Prime Minister Imran Khan on Monday stated that the federal government was drafting a comprehensive package for Karachi in the aftermath of the havoc wreaked by the torrential downpour over the last days.
The package, currently in the works, is meant to eradicate decades of neglect and suffering of the people of the port city.
The premier further instructed all MNAs and MPAs in Karachi to remain in their constituencies throughout Eidul Azha and Independence Day holidays to provide for any contingencies that may arise.
I have directed all MNAs/MPAs of Karachi to be in their constituencies throughout Eid & Independence Day holidays & provide all assistance to the ppl. The Federal Govt is drafting a comprehensive package to end the decades of neglect & suffering of the ppl of this gt metropolis.
— Imran Khan (@ImranKhanPTI) August 12, 2019
On August 11, at least 14 people died in various rain-related incidents as monsoon downpour lashed Karachi. Large parts of the city, including almost all major thoroughfares, remained inundated as civic authorities struggled to drain out water that had collected over hours of overnight rain.
Contingents of the Pakistan Army and Sindh Rangers had been called in for rescue operations. Rainwater had also started to flood houses in low-lying areas such as Orangi Town, Landhi, Ilyas Goth, Ibrahim Hyderi, Shah Faisal, Malir, Scheme 33, Rehri Goth and Korangi.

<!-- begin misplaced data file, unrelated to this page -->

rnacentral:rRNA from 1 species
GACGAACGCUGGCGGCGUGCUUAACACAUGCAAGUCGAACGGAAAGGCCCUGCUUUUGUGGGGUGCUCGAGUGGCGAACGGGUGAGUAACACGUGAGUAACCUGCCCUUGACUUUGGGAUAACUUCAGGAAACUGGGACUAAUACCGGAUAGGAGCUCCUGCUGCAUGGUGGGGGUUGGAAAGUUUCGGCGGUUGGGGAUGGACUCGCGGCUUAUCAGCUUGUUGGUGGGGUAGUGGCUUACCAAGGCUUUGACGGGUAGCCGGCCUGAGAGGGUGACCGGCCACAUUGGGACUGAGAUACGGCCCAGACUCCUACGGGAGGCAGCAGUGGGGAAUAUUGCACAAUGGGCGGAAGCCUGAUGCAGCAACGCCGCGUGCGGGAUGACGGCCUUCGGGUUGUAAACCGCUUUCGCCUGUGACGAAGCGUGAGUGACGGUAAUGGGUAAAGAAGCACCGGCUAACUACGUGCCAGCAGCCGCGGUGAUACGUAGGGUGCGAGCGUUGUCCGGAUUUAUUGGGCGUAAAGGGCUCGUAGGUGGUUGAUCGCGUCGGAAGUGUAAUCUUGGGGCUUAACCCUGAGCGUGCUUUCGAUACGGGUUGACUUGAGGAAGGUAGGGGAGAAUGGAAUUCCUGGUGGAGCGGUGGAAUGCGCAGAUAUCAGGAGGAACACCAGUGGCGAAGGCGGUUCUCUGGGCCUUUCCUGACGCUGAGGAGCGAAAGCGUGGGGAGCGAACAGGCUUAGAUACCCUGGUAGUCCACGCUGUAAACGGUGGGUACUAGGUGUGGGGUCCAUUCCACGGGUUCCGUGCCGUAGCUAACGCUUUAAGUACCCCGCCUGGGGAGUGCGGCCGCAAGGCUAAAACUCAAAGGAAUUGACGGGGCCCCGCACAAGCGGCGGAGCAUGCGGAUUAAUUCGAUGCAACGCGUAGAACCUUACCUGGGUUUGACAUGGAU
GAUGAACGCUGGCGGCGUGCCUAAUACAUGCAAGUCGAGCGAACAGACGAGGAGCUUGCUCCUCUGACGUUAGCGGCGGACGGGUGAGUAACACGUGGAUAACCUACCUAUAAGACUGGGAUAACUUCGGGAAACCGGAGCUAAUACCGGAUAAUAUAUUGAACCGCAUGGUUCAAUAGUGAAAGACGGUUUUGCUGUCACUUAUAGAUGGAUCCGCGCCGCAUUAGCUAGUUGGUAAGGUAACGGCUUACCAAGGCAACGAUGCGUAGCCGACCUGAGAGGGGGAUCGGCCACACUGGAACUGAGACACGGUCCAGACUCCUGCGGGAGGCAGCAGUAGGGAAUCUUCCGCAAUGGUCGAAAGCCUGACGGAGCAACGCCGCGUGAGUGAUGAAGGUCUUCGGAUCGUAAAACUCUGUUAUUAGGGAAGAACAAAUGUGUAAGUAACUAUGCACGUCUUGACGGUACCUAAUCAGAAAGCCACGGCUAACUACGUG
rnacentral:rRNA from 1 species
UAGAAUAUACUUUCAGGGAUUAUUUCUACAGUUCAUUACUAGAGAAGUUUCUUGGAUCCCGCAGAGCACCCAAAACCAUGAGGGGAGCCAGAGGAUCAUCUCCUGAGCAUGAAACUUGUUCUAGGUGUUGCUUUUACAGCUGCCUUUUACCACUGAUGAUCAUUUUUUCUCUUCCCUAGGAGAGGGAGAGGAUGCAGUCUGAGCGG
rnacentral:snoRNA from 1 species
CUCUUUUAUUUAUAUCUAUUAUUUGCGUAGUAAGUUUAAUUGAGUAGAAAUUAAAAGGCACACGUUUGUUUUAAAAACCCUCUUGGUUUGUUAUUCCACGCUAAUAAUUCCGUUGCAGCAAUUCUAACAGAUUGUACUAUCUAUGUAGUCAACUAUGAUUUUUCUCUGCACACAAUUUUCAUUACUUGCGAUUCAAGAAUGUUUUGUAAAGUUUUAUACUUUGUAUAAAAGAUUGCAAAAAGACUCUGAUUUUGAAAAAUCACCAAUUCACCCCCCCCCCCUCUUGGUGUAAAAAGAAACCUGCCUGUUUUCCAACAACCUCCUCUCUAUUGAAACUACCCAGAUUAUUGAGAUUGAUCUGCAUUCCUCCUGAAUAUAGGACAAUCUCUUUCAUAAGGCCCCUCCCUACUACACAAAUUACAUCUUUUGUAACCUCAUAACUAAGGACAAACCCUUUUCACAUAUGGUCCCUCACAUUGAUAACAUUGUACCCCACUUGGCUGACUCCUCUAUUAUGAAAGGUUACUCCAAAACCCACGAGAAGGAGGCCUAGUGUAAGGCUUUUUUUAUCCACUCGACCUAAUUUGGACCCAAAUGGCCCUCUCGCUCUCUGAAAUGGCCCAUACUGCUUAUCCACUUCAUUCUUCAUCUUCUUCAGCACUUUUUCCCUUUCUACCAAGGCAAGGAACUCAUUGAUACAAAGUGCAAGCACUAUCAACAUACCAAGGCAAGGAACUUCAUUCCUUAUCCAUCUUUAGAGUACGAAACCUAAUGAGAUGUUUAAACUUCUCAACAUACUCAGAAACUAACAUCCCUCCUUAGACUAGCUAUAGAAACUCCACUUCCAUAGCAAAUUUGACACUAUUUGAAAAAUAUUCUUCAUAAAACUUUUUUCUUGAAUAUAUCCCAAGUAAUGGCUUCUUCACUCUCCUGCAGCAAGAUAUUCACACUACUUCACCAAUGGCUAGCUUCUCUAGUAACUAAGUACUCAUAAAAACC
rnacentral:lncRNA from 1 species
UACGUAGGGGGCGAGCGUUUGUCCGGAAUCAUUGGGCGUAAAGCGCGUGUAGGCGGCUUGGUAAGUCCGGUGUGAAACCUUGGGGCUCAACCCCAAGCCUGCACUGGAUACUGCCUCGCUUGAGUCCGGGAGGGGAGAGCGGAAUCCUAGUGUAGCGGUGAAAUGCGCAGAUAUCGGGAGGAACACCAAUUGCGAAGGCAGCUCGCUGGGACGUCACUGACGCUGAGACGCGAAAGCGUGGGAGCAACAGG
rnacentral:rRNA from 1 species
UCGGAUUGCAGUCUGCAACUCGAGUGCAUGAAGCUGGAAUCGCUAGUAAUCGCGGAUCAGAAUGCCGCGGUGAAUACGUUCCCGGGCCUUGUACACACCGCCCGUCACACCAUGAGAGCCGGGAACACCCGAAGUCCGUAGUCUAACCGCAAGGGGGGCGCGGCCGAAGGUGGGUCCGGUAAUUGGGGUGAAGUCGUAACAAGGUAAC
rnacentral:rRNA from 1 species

State of emergency declared
Mayor Waseem Akhtar on Sunday called for a state of emergency to be declared in Karachi.
Following the collapse in the metropolis, the mayor rebuked the provincial government and held the Pakistan Peoples Party (PPP) for the abject conditions of the city.
Power supply remained suspended in multiple areas of the city over the last two days. Early on Sunday morning, Karachi’s power utility, K-Electric (KE), urged the city administration to declare a state of emergency to deal with the post-rain situation.
It also announced that electricity supply was suspended in certain areas of the city owing to fears of urban flooding.